State Roundup, September 26, 2019

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SAFE SITES SOUGHT FOR DRUG USERS: As opioids continue to claim hundreds of lives a month in Maryland, treatment advocates, politicians and others are making another push to permit drug use in certain places where it can be monitored and people can get connected to programs that address their addictions, Meredith Cohn of the Sun reports. Backers, including Baltimore State’s Attorney Marilyn Mosby and City Council President Brandon Scott, came to a meeting Wednesday to promote so-called safe consumption sites and encourage a groundswell of support for state legislation that would establish such spaces.

HOW MD COMPENSATED EARLIER EXONEREES: Ovetta Wiggins of the Post talks with former Gov. Bob Ehrlich about how he decided to pay the state’s last exoneree $1.4 million for keeping him behind bars although he had not committed the crime for which he was serving. She also looks into how the state has paid previous exonerees.

2 TAPPED TO REPLACE DELS. BROMWELL, LAFFERTY: Wilborn Nobles of the Sun reports that members of the Baltimore County Democratic Party have announced their choices to fill vacancies in Maryland’s General Assembly. Carl Jackson and Cathi Forbes on Wednesday night were recommended by the Baltimore County Democratic State Central Committee for the District 8 and 42A House of Delegates seats, respectively.

OPINION: EDUCATION ISN’T CHEAP: The editorial board for the Sun opines that “filet mignon costs twice as much as top round because people prize its tenderness and flavor. You want a suit tailored to fit you perfectly? Don’t expect to pay Walmart prices.” There’s unquestionably a cost associated with upgrading schools, the board writes. The commission has pegged the number at $3.8 billion over a decade. “You want quality? You usually have to pay for it.”

RESEARCHERS WITNESS DOLPHIN BIRTH IN BAY: A team of researchers studying dolphins in the Potomac River got unexpected fruit from their labors last month when they witnessed a dolphin being born near the river’s confluence with the Chesapeake Bay. Bottlenose dolphins are among the most studied species in the world, but a wild birth has only been documented in scientific literature on one other occasion: in 2013 off the coast of Georgia, the Bay Journal’s Whitney Pipkin writes for MarylandReporter.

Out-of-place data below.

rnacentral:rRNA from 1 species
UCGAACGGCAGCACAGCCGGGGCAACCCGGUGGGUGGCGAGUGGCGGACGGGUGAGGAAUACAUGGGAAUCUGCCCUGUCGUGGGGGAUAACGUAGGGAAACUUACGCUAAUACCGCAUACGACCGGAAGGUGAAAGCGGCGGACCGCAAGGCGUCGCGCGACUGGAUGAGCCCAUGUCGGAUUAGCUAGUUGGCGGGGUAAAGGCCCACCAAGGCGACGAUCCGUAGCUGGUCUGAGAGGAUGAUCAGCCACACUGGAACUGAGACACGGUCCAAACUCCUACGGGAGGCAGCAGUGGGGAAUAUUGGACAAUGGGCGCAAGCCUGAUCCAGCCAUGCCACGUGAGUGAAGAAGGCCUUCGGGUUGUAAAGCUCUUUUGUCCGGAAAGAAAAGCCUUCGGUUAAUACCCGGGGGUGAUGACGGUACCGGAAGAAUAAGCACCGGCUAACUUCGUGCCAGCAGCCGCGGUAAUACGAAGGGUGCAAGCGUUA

FROSH JOINS WILDLIFE PROTECTION LAWSUIT: Maryland’s top attorney has joined a lawsuit that seeks to halt the Trump administration’s rollback of wildlife protections under the Endangered Species Act, Phil Davis of the Sun writes. Attorney General Brian Frosh’s office wrote in a news release that the state is joining a coalition of 18 attorneys general and New York City in challenging the decision by the U.S. Fish and Wildlife Service and the National Marine Fisheries Service to finalize three rules the group says “undermine the key requirements and purpose of the Endangered Species Act.”

EMBATTLED JUDGE RETIRES: Heather Cobun of the Daily Record reports that embattled Baltimore City District Judge Devy Patterson Russell retired Wednesday after being charged in a third disciplinary matter. Russell, who had been on the bench since 2006, had been serving a six-month suspension since July 1 as a sanction for yelling at fellow judges and court staff. The Maryland Commission on Judicial Disabilities recommended an additional three-month suspension earlier this month and on Wednesday filed a third set of charges accusing Russell of threatening a fellow judge who was a witness in the cases against her.

POTOMAC-AREA DEMS LAUNCH PAC: Democratic and union operatives in Maryland and Virginia have teamed up to create a political action committee to help political candidates on both sides of the Potomac River. The PAC, known as Potomac Rising, held its first fundraiser last week in Gaithersburg. The event was billed as an ERA house party, pegged to the push to get the now-dormant Equal Rights Amendment ratified in Virginia, Josh Kurtz reports in Maryland Matters.